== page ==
Soldiers into Nazis? : the German infantry's war in northwest Russia, 1941-1944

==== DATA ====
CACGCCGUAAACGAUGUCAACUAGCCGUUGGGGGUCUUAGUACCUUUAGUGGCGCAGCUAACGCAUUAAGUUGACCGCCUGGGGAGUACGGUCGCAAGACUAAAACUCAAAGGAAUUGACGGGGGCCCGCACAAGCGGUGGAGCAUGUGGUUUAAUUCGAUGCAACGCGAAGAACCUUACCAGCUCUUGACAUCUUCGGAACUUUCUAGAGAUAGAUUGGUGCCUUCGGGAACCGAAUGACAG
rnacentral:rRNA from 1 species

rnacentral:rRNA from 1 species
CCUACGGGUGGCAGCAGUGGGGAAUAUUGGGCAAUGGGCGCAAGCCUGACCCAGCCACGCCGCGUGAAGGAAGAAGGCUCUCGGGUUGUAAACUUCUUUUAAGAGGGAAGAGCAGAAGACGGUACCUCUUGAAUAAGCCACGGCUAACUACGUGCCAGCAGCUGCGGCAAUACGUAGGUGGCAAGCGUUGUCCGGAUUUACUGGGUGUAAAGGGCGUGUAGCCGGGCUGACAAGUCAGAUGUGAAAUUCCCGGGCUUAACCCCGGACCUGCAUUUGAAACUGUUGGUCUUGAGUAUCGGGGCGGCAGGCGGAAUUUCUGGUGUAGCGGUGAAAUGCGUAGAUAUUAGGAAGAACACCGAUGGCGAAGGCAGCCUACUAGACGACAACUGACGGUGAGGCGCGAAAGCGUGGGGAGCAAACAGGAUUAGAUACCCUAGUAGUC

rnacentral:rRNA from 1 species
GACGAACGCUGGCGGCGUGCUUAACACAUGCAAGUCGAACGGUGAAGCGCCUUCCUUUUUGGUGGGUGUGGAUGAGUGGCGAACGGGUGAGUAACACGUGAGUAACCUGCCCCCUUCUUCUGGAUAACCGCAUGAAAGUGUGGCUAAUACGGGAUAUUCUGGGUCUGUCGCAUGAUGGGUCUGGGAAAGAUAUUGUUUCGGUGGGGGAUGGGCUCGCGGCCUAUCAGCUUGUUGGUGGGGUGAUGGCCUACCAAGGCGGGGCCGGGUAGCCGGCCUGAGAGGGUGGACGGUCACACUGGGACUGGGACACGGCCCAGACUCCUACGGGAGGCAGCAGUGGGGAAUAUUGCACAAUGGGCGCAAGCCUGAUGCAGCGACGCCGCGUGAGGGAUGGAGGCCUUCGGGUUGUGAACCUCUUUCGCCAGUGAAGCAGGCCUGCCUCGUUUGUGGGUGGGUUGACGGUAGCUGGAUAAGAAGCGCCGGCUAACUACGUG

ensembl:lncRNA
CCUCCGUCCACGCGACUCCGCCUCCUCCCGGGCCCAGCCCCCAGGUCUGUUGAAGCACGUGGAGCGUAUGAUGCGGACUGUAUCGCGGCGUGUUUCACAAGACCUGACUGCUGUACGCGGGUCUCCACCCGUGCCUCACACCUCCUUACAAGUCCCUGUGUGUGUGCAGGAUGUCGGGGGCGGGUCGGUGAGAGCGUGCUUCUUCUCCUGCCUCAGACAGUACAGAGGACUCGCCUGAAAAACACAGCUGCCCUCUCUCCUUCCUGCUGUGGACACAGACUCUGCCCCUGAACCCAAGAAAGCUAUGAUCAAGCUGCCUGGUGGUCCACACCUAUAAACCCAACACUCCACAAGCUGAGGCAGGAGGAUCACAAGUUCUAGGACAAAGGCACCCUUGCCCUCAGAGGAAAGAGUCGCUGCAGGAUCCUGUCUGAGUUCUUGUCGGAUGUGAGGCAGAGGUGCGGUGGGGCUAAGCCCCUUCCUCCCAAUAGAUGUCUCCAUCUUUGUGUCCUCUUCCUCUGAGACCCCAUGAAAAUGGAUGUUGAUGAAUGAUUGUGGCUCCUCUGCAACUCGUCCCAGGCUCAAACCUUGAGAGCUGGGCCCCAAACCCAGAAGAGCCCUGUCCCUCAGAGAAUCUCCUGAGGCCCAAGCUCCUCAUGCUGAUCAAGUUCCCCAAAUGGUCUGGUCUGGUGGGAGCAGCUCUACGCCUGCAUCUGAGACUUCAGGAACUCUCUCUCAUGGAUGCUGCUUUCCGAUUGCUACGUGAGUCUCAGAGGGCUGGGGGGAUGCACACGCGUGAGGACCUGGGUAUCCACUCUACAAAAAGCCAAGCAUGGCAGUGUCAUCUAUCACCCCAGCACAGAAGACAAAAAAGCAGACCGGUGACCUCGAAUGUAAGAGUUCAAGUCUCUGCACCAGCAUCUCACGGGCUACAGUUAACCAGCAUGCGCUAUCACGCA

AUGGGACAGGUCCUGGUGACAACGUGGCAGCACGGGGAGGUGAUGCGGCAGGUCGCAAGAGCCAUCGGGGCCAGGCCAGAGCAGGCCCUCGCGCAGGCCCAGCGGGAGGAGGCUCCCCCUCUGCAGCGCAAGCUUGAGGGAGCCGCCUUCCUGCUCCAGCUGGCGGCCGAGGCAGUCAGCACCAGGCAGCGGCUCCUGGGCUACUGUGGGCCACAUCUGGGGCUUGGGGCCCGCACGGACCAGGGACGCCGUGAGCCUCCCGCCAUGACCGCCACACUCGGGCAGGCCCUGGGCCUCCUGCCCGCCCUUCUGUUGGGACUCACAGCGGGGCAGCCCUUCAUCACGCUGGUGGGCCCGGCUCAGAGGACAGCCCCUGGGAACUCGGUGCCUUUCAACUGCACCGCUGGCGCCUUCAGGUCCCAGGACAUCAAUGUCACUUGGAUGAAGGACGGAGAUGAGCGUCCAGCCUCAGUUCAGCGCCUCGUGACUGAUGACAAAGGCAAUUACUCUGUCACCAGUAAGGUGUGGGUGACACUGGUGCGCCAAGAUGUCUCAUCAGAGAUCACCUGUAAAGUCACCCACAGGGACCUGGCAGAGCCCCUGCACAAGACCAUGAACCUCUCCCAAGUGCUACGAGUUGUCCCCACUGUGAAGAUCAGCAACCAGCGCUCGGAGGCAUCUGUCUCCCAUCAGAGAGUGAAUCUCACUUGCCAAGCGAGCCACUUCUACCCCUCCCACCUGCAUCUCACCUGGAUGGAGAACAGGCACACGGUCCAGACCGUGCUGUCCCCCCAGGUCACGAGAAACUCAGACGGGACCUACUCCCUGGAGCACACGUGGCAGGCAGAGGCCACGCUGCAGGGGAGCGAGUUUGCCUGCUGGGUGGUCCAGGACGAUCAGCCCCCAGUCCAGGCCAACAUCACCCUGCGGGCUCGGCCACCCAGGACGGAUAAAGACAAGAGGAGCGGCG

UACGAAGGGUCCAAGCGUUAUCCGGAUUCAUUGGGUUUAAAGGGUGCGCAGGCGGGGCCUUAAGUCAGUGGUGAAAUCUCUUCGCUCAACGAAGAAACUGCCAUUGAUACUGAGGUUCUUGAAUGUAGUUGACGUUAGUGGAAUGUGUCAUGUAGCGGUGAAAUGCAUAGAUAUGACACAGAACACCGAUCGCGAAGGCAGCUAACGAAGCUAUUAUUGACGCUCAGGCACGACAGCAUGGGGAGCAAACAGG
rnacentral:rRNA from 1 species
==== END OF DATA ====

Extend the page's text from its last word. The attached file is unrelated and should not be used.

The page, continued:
This work seeks both to modify and challenge the prevailing view of an ideologically-driven Army intent on realizing Hitler's racist goals in the Soviet Union. One way of measuring the ideological commitment of the Army's soldiers is through an examination of the divisional level. Each of the three divisions under examination was recruited from a geographically and culturally distinct area, allowing the soldiers of the 121st, 123rd and 126th Infantry Divisions to recreate the sense of community unique to their home region: East Prussia, Berlin and Rhineland-Westphalia, respectively. The differences between social classes, traditional political allegiances and confessions found in these regions was thus transferred to these divisions and these distinctions allow for a more precise investigation of what types of men were more or less likely to subscribe to the German war of annihilation in the Soviet Union. Unlike much of the literature which examines the ideological nature of the war and the military conflict separately, this study looks at combat and occupation in tandem. Through the use of official military records, ranging from the Army down to the regimental level, as well as previously unused diaries and letters written by the men of these three divisions, a complex and varied picture of the German Army's activities and motivations arises. Firstly, while ideological concerns certainly played a role in determining the actions of these divisions, other more tangible problems, such as food and clothing shortages and numerical weakness, were more important issues in determining the Army's frequent savage interactions with civilians. Second, instead of the war serving to increasingly radicalize the behavior of the troops, the German Army began to significantly modify its conduct in hopes of winning the cooperation of Soviet civilians in late 1942 and 1943 before reverting to Scorched Earth policy in 1944. Internal mechanisms within the Army led to these changes in behavior: when a conciliatory policy was viewed as necessary to win the war, it was implemented; when the Army believed unadulterated violence was the means to victory, radical policies were carried out its forces.